At this time, CSC has filed a motion to compel discovery responses from twenty-six (26) of the Plaintiffs who have not yet responded to discovery requests propounded on them. R. Doc. 57-1, p. 4. CSC states that has conferenced with Plaintiffs' counsel about the missing discovery, including as recently as April 19, 2017 following an order from the District Court to do so. See R. Doc. 55. CSC argues that following an extended deadline of April 28, 2017 counsel for CSC and the Plaintiffs agreed in principle to dismiss all Plaintiffs' who failed to provide complete responses to the discovery request by May 20, 217. R. Doc. 57-1, p. 5-6. However, the Parties were unable to agree on the specific terms. Id. at p. 6. As such, CSC filed the instant motion to compel. In addition seeking to compel discovery responses by a date certain, CSC requests that the Court dismiss with prejudice those Plaintiffs that fail to comply with the Court's order. CSC also seeks an award of fees in connection with the instant motion.

         The Plaintiffs have responded to the motion. R. Doc. 63. The Plaintiffs argue that there has been difficulty responding because of logistics given that all of the Plaintiffs worked for CSC overseas and that many of the Plaintiffs still work overseas for other military contractors. Plaintiffs argue that they do not oppose the motion to compel discovery responses. Rather, the Plaintiffs' counsel argues that-while he has become somewhat frustrated in an inability to hear from some Plaintiffs and agrees to dismiss Plaintiffs that do no eventually respond-any dismissal should be without prejudice.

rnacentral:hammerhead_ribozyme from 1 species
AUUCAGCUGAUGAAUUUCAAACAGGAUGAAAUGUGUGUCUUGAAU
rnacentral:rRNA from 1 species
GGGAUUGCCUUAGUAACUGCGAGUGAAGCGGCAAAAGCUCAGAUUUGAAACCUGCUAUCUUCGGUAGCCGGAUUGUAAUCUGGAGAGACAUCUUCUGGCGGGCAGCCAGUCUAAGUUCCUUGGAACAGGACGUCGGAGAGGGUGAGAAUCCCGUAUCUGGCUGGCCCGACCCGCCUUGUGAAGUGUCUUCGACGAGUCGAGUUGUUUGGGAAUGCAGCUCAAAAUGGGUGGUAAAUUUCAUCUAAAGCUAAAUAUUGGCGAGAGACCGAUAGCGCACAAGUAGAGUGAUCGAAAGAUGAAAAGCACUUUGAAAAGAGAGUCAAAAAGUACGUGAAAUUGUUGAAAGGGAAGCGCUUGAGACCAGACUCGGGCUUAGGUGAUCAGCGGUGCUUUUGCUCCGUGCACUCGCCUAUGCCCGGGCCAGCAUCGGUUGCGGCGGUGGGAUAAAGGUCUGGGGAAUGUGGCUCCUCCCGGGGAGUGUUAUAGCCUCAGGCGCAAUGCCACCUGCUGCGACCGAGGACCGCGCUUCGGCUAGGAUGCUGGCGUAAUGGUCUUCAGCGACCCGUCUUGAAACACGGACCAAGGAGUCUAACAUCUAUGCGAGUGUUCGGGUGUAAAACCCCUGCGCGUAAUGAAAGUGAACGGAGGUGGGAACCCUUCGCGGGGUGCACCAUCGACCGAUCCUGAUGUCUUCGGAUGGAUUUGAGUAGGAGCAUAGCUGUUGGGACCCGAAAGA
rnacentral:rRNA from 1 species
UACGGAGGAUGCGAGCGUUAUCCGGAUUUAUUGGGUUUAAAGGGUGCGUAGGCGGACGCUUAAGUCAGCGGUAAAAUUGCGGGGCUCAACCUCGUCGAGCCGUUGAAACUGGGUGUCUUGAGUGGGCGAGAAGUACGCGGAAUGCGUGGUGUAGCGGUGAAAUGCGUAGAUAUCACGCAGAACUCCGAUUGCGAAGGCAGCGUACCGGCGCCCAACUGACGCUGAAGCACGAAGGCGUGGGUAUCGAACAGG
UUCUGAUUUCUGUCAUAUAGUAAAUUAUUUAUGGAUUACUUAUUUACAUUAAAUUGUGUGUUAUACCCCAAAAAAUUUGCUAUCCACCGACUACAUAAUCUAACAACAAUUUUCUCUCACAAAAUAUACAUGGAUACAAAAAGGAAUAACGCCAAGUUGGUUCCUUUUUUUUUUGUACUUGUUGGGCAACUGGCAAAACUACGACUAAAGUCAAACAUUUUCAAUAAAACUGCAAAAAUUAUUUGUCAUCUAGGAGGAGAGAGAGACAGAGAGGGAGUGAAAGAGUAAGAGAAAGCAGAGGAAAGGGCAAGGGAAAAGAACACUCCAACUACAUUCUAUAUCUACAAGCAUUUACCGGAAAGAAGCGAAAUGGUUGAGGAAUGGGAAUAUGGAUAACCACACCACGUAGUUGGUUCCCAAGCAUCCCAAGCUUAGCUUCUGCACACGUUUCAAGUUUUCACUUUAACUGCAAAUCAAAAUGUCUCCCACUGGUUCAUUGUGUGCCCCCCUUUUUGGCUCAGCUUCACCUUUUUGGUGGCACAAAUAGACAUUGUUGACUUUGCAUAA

II. Standard of Review

         Discovery of documents, electronically stored information, and things is governed by Federal Rule of Civil Procedure 34. Rule 34 allows a party to request the production of “any designated documents or electronically stored information” or “any tangible things.” Id. Similarly, Rule 33 allows a party to serve another party written interrogatories which “must, to the extent it is not objected to, be answered separately and fully in writing under oath.” Fed.R.Civ.P. 33(b)(3). Both Rule 33 and 34 allow a party to ask interrogatories and request production to the extent of Rule 26(b). Fed.R.Civ.P. 33(a)(2); 34(a).

         Federal Rule of Civil Procedure 37 provides sanctions for failure to cooperate in discovery. Rule 37(a) allows a party in certain circumstances to move for an order compelling discovery from another party. In particular, Rule 37(a)(3)(b)(iii)-(iv) allows a party seeking discovery to move for an order compelling an answer or production of documents where a party “fails to answer an interrogatory” or “fails to produce documents.” An “evasive or incomplete” answer or production is treated the same as a complete failure to answer or produce. Fed.R.Civ.P. 37(a)(4).

         In addition to alleging that the responding party has failed to properly cooperate with discovery, a motion to compel under Rule 37(a) must also “include a certification that the movant has in good faith conferred or attempted to confer with the person or party failing to make disclosure or ...